GENTECH archive


Extinction Genie (1)

Researchers found that an aquarium fish, Japanese medaka (Oryzias latipes),
modified with a growth gene hGH were more succesful in attracting mates.
This meant that the gene spread rapidly through the population. However
only two thirds of the modified medaka survived to reproductive age
compared with wild medakas.

The spread of the growth hormone gene could therefore make populations
dwindle and eventually become extinct.

Using a computer model they discovered that releasing 60 modified fish into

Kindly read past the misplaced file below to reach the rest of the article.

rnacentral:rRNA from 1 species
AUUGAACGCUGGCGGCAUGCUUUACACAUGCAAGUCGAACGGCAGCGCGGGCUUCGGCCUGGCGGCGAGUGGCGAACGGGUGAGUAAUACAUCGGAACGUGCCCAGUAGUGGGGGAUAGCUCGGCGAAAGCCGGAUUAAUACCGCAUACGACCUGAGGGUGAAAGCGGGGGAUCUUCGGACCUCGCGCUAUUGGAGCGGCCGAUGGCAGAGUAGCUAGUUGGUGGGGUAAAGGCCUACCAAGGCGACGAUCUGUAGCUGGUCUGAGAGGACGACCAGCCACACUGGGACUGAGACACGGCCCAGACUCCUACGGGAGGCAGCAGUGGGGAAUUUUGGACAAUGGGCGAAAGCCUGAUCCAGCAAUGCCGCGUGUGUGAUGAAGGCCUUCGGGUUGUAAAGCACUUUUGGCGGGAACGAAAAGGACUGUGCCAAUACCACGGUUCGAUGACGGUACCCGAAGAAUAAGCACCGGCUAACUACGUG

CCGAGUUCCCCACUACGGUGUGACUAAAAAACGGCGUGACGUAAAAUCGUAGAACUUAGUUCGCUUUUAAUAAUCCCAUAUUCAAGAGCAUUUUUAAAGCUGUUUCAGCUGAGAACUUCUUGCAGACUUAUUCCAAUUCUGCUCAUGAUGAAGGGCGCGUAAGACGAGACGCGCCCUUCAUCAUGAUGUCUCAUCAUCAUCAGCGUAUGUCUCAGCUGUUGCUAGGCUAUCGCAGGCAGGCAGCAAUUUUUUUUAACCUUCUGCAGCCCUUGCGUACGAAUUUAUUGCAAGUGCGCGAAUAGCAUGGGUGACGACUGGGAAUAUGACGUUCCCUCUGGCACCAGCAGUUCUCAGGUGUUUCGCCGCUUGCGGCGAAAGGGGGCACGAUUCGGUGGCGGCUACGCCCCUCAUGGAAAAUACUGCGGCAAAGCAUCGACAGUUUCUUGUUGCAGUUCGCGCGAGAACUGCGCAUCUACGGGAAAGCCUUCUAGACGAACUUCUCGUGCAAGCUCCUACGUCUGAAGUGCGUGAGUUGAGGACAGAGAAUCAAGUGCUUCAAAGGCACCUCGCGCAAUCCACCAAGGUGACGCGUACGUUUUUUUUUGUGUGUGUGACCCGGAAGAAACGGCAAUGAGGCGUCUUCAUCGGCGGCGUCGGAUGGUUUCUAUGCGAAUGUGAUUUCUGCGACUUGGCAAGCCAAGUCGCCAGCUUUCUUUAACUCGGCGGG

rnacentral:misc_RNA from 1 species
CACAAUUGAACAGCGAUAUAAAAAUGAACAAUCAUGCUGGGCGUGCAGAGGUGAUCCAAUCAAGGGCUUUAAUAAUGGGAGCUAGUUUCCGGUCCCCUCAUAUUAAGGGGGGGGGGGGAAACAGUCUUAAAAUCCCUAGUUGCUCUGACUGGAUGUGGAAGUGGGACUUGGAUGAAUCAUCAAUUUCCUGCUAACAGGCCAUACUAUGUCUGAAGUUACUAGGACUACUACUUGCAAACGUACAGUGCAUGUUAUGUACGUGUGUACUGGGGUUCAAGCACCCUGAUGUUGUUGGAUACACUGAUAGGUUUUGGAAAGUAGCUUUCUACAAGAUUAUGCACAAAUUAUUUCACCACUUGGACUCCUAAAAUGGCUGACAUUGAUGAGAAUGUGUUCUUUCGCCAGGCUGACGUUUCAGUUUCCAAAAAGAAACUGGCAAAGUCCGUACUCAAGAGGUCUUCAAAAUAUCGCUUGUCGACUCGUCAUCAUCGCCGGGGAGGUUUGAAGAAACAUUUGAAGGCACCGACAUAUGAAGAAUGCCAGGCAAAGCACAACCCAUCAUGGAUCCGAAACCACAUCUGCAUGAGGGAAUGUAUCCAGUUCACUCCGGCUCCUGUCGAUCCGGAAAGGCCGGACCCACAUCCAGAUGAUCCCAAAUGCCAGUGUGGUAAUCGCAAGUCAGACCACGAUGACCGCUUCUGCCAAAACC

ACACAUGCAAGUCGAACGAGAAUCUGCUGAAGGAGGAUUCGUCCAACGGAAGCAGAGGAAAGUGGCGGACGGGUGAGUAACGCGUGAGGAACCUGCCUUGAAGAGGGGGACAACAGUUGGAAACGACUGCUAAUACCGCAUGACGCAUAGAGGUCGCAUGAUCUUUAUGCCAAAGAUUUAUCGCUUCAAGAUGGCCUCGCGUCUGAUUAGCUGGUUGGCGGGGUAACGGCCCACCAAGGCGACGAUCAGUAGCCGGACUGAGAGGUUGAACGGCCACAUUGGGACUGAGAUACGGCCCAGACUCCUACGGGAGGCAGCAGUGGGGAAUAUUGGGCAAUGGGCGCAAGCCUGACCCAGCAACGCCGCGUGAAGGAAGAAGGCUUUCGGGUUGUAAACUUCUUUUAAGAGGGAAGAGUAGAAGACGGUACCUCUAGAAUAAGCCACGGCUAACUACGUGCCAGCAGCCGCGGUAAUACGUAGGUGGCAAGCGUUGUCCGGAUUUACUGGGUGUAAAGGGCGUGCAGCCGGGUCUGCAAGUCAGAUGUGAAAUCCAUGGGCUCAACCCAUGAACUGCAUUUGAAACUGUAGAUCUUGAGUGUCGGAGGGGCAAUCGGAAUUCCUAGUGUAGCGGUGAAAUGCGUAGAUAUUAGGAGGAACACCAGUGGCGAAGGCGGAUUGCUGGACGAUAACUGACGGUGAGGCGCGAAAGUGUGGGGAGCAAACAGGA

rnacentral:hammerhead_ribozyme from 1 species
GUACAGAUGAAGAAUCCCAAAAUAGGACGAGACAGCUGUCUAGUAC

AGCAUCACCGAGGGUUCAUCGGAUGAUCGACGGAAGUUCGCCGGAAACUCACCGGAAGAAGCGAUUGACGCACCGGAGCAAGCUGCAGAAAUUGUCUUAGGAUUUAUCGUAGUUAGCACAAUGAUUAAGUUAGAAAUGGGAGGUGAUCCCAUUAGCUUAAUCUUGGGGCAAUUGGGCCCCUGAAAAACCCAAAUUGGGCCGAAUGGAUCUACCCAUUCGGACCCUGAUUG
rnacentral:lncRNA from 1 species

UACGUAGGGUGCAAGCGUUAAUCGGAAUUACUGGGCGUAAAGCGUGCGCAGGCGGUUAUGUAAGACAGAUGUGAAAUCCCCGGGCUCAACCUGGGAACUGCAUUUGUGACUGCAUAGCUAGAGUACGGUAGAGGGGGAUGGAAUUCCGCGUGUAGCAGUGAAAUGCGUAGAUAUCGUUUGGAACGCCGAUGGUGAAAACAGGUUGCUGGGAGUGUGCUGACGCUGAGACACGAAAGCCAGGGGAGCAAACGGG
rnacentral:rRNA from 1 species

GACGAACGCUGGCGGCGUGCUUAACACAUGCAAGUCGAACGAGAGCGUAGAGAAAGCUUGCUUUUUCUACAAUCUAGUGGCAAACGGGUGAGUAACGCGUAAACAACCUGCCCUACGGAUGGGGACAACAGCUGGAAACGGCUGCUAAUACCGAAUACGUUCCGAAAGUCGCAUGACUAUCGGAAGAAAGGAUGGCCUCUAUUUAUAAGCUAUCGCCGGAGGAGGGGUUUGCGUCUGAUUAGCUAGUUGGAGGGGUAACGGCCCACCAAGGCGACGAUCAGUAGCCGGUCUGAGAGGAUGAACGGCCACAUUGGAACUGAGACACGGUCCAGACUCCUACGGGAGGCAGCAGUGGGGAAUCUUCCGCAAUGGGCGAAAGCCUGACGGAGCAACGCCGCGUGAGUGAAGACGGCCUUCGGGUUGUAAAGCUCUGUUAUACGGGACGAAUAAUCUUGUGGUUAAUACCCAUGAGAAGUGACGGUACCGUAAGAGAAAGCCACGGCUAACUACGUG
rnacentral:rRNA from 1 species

a wild population of 60,000 resulted in extinction in just 40 generations.
Release of even a single modified fish could also result in extinction,
though over a longer period.

The work appears to be applicable to salmon who have similar mating
The researchers are hoping to test their predictions in tightly controlled
fish farm ponds.

I think this highlights the fact that what appear to be beneficial
modifications can have unfortunate results. Once the genetic genie is
released there is no way to put it back.

[Proceedings of the National Academy of Sciences (vol 96, p 13 853)]